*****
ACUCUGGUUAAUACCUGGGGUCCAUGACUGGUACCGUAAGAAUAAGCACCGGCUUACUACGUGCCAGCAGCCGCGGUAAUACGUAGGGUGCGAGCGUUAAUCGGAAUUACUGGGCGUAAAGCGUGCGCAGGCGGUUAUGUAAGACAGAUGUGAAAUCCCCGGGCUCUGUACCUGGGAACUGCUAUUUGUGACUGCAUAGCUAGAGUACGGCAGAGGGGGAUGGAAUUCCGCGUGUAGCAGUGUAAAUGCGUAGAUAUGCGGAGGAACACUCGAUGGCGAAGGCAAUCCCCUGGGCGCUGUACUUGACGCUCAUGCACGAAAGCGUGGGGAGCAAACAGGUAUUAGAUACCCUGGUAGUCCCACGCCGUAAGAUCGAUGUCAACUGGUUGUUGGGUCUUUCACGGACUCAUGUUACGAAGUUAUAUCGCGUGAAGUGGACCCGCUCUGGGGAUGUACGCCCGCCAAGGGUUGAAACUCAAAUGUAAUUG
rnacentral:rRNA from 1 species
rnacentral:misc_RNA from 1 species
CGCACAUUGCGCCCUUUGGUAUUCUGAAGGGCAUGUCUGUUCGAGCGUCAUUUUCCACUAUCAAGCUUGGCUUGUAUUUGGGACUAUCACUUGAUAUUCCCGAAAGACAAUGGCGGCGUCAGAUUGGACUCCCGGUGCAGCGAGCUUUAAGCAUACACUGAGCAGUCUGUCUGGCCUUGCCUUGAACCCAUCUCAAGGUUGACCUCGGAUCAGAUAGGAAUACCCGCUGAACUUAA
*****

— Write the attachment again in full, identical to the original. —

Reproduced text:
ACUCUGGUUAAUACCUGGGGUCCAUGACUGGUACCGUAAGAAUAAGCACCGGCUUACUACGUGCCAGCAGCCGCGGUAAUACGUAGGGUGCGAGCGUUAAUCGGAAUUACUGGGCGUAAAGCGUGCGCAGGCGGUUAUGUAAGACAGAUGUGAAAUCCCCGGGCUCUGUACCUGGGAACUGCUAUUUGUGACUGCAUAGCUAGAGUACGGCAGAGGGGGAUGGAAUUCCGCGUGUAGCAGUGUAAAUGCGUAGAUAUGCGGAGGAACACUCGAUGGCGAAGGCAAUCCCCUGGGCGCUGUACUUGACGCUCAUGCACGAAAGCGUGGGGAGCAAACAGGUAUUAGAUACCCUGGUAGUCCCACGCCGUAAGAUCGAUGUCAACUGGUUGUUGGGUCUUUCACGGACUCAUGUUACGAAGUUAUAUCGCGUGAAGUGGACCCGCUCUGGGGAUGUACGCCCGCCAAGGGUUGAAACUCAAAUGUAAUUG
rnacentral:rRNA from 1 species
rnacentral:misc_RNA from 1 species
CGCACAUUGCGCCCUUUGGUAUUCUGAAGGGCAUGUCUGUUCGAGCGUCAUUUUCCACUAUCAAGCUUGGCUUGUAUUUGGGACUAUCACUUGAUAUUCCCGAAAGACAAUGGCGGCGUCAGAUUGGACUCCCGGUGCAGCGAGCUUUAAGCAUACACUGAGCAGUCUGUCUGGCCUUGCCUUGAACCCAUCUCAAGGUUGACCUCGGAUCAGAUAGGAAUACCCGCUGAACUUAA